Tony-nominee Milioti charms with acoustic concert

By Mackenzie Cutruzzula
Review Editor

Cristin Milioti is no stranger to Kendall Hall at the College — she spent the summer when she was 16 years old studying theater in The Don Evans Black Box Theatre with the Governor’s School. She was excited for the transition to perform on the Kendall Main Stage on Tuesday, April 14, where she once received her Governor’s School diploma.

Milioti returned to the College for an evening of music and conversation, a “real treat” since ending her run as Girl in the Broadway musical “Once.” Performing with her former “Once” co-stars, Will Connolly and David Abeles, the trio brought a laid-back but fun atmosphere to the stage.

The singer belts her favorite tunes with her bandmates. (Jonathan Edmondson / Arts & Entertainment Editor)
The singer belts her favorite tunes with her bandmates. (Jonathan Edmondson / Arts & Entertainment Editor)

“We hadn’t played together in nine months,” Milioti said. “It’s something we get to do together a couple times a year, but I wish it was more.”

During her performance, Milioti chose her small setlist to be comprised of the songs that most inspired her and had the biggest impact on her life. It was only fitting that she began with “Gold” from the Tony award-winning musical that started her on the road to success and formed the friendships she brought along with her on stage.

Later, in a moderated discussion, Milioti talked more about her time working on “Once,” from starting out in a bar basement in Cambridge, Ma. to how those small beginnings affected her reaction to the show’s slew of Tony nominations.

“I have a regret in that time in my life — I wanted to protect the show and keep it a gem,” Milioti said. “I wish I had taken more time to enjoy everything that was happening to me.”

Milioti’s role in “Once” led to her instant classic, last-season casting on the hit sitcom “How I Met Your Mother” as none other than the Mother, also known as Tracy McConnell. Milioti admitted she had never seen the show before landing the role and didn’t truly understand the significance of the part.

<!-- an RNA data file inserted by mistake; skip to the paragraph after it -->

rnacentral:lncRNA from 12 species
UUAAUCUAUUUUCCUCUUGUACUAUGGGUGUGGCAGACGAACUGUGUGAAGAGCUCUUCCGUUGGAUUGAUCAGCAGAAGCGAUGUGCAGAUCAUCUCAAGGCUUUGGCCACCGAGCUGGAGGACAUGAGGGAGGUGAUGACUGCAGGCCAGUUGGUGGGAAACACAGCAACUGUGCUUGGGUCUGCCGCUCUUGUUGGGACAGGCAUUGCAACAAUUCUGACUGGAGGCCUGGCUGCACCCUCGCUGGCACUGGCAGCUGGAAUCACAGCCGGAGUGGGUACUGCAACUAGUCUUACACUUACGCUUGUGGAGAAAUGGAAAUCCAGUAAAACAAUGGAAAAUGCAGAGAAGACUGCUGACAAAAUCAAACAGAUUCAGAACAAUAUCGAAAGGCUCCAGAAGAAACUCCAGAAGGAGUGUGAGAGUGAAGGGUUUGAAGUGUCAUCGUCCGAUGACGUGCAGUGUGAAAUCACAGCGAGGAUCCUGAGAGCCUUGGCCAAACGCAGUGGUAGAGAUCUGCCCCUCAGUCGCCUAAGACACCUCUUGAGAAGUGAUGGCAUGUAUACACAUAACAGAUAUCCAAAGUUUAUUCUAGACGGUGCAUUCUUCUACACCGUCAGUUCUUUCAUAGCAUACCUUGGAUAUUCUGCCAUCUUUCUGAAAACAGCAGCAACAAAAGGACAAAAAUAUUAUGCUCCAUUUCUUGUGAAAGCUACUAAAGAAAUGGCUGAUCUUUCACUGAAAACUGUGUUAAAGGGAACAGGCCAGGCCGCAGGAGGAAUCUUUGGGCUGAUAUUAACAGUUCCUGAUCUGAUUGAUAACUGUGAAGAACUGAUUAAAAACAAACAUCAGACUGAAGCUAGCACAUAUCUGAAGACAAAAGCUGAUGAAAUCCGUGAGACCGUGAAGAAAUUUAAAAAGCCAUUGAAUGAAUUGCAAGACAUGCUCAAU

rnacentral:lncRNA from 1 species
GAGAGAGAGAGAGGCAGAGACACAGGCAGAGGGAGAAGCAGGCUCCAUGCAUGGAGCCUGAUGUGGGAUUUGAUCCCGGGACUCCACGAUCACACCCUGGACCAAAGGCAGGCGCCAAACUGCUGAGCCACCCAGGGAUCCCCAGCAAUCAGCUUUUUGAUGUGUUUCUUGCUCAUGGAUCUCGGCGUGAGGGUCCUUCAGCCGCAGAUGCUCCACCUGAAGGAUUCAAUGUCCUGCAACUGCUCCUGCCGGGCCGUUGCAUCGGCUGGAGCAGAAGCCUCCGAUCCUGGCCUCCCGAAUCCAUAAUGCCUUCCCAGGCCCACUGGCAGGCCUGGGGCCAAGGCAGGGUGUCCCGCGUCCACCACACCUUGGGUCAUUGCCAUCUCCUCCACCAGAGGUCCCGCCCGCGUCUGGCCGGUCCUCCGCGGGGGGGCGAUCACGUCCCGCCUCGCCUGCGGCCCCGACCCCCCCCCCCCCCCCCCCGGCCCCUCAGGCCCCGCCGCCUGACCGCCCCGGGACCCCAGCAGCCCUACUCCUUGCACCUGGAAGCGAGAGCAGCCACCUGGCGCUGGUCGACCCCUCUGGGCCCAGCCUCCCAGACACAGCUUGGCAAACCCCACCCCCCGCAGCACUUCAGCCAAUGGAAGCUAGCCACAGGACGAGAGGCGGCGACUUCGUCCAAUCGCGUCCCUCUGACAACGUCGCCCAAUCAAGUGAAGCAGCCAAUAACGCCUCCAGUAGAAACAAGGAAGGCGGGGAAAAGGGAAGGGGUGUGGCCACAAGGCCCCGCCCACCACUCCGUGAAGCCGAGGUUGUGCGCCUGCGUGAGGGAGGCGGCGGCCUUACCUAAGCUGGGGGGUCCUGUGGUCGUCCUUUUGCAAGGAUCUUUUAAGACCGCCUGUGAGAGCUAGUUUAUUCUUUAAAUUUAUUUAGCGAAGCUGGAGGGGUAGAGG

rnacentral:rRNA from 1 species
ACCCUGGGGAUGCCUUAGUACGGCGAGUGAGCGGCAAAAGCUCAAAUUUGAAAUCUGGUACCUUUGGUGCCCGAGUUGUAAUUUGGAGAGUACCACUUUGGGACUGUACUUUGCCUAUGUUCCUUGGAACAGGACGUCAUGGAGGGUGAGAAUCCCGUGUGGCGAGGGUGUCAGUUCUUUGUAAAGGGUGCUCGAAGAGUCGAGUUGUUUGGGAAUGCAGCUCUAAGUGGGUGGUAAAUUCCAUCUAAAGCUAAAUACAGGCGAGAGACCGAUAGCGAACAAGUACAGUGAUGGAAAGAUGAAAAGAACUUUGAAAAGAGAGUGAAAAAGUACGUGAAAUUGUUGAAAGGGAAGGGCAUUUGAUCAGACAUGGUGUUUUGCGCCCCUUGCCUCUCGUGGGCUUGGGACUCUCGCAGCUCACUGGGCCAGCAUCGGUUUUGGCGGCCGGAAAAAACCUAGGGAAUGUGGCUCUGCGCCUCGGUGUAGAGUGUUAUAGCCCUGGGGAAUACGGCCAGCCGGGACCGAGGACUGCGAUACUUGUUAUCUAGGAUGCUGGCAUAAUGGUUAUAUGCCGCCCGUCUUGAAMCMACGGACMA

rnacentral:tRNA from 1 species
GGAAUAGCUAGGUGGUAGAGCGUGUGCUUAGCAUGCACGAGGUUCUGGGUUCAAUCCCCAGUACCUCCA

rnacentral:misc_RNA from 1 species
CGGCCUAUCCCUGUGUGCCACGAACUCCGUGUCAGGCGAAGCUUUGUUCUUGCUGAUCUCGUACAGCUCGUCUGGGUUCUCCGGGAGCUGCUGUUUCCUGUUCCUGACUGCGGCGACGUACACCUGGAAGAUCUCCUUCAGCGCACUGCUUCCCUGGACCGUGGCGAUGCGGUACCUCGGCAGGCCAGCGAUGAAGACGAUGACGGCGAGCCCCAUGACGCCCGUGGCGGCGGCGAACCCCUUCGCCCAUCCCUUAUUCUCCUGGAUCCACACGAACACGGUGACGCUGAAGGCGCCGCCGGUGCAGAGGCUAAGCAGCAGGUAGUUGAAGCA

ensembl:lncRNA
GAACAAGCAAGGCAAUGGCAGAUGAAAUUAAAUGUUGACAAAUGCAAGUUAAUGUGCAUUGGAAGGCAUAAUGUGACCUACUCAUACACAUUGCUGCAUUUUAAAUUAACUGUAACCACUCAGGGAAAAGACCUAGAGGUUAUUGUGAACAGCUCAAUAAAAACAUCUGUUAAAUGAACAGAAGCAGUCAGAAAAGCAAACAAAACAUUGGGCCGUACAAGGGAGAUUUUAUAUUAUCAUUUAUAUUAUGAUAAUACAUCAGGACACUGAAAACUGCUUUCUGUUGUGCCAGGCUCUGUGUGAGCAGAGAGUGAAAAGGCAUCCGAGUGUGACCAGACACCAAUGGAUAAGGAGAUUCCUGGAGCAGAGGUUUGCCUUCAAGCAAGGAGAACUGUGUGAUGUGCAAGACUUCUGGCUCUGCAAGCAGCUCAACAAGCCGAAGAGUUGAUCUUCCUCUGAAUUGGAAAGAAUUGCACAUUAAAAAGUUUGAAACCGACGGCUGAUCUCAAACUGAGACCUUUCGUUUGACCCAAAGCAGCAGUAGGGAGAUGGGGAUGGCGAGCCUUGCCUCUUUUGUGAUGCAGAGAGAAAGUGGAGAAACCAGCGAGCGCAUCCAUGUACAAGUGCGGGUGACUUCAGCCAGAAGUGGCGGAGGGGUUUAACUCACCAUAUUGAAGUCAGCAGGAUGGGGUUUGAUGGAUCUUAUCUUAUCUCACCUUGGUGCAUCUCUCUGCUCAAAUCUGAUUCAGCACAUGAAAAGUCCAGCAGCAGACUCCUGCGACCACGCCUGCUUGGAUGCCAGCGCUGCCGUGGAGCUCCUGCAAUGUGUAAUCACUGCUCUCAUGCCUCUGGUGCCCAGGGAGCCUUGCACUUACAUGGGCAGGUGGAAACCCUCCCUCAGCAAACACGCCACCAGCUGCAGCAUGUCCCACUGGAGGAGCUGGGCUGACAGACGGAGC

Unlike other characters that were able to bring lots of pieces of their own life into their “HIMYM” roles, Milioti didn’t have as much freedom playing McConnell. She did, however, bring one piece of herself into the role — her ukulele that she carries everywhere with her, including her performance at the College. Confessing that she was pretty sure her dad bought the instrument from Target, she said she only feels comfortable playing that one specifically. Even when the producers of “HIMYM” gave her a brand new one to play in the show, she kindly refused it and played her personal one.

Milioti discusses her work from Broadway to “How I Met Your Mother.” (Jonathan Edmondson / Arts & Entertainment)
Milioti discusses her work from Broadway to “How I Met Your Mother.” (Jonathan Edmondson / Arts & Entertainment)

Milioti kept her performance at the College personal by providing the audience with a listen to her very first original song, “Glacial Sentiment.” The song was extremely poetic with lyrics such as, “You are halfway across the globe, near glaciers and sea birds, and there is no earthly way to hold your hand.” Milioti admitted before singing that sharing her own music is frightening to her, and she has been trying harder to face that fear. The audience greeted her with roaring applause that surely put her nerves at ease.

Milioti joked about her nerves by pulling from her Jersey roots.

“It’s the Jersey in me,” Milioti said with a Jersey accent. “I always say, ‘I don’t care what you think about my song,’ but I secretly do care.”

Milioti grew up in Cherry Hill, N.J. and noted that even though she played a “typical Jersey girl” as Teresa Petrillo Belfort in “The Wolf of Wall Street,” it was not a role she was used to playing. She did, however, love the role because it embodied what she loved most about acting — having a wig and an accent. She continued that trend in her music, providing the squeaky voice in what was supposed to be her closing number, “Four Five Seconds.” However, Milioti has taken up an interest in improv comedy of late and thus included an impromptu encore. The trio did an acoustic cover of “Skinny Love” with no mics or amps — just two guitars and a stool.

Milioti ended the show with a vibrant exclamation —“We did it!” After imparting both wisdom and laughs to the audience, she laughed about her next adventure — finding the nearest Wawa, which she confessed backstage she was looking forward to finding on her trip to Jersey.